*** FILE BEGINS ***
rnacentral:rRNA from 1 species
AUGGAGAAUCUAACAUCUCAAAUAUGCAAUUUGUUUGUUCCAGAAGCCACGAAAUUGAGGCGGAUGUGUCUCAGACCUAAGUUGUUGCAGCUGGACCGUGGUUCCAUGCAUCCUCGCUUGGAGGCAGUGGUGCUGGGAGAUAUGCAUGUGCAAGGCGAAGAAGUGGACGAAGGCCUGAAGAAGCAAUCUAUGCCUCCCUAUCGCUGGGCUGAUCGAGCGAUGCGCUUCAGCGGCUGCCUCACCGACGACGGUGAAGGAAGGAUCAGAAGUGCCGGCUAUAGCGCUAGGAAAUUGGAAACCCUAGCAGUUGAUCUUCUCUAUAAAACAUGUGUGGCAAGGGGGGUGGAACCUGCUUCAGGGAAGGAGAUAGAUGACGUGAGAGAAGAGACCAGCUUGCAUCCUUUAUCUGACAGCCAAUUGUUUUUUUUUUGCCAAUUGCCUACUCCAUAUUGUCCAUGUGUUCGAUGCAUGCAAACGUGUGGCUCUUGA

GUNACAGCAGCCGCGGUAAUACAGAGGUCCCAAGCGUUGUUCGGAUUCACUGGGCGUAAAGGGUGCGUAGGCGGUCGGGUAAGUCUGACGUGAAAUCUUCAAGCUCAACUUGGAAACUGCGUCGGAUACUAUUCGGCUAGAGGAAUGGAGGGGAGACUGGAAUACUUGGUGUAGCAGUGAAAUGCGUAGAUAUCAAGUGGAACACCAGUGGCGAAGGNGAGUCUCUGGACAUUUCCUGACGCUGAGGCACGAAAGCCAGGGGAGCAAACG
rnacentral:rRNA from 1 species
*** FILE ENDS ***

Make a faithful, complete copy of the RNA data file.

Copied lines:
rnacentral:rRNA from 1 species
AUGGAGAAUCUAACAUCUCAAAUAUGCAAUUUGUUUGUUCCAGAAGCCACGAAAUUGAGGCGGAUGUGUCUCAGACCUAAGUUGUUGCAGCUGGACCGUGGUUCCAUGCAUCCUCGCUUGGAGGCAGUGGUGCUGGGAGAUAUGCAUGUGCAAGGCGAAGAAGUGGACGAAGGCCUGAAGAAGCAAUCUAUGCCUCCCUAUCGCUGGGCUGAUCGAGCGAUGCGCUUCAGCGGCUGCCUCACCGACGACGGUGAAGGAAGGAUCAGAAGUGCCGGCUAUAGCGCUAGGAAAUUGGAAACCCUAGCAGUUGAUCUUCUCUAUAAAACAUGUGUGGCAAGGGGGGUGGAACCUGCUUCAGGGAAGGAGAUAGAUGACGUGAGAGAAGAGACCAGCUUGCAUCCUUUAUCUGACAGCCAAUUGUUUUUUUUUUGCCAAUUGCCUACUCCAUAUUGUCCAUGUGUUCGAUGCAUGCAAACGUGUGGCUCUUGA

GUNACAGCAGCCGCGGUAAUACAGAGGUCCCAAGCGUUGUUCGGAUUCACUGGGCGUAAAGGGUGCGUAGGCGGUCGGGUAAGUCUGACGUGAAAUCUUCAAGCUCAACUUGGAAACUGCGUCGGAUACUAUUCGGCUAGAGGAAUGGAGGGGAGACUGGAAUACUUGGUGUAGCAGUGAAAUGCGUAGAUAUCAAGUGGAACACCAGUGGCGAAGGNGAGUCUCUGGACAUUUCCUGACGCUGAGGCACGAAAGCCAGGGGAGCAAACG
rnacentral:rRNA from 1 species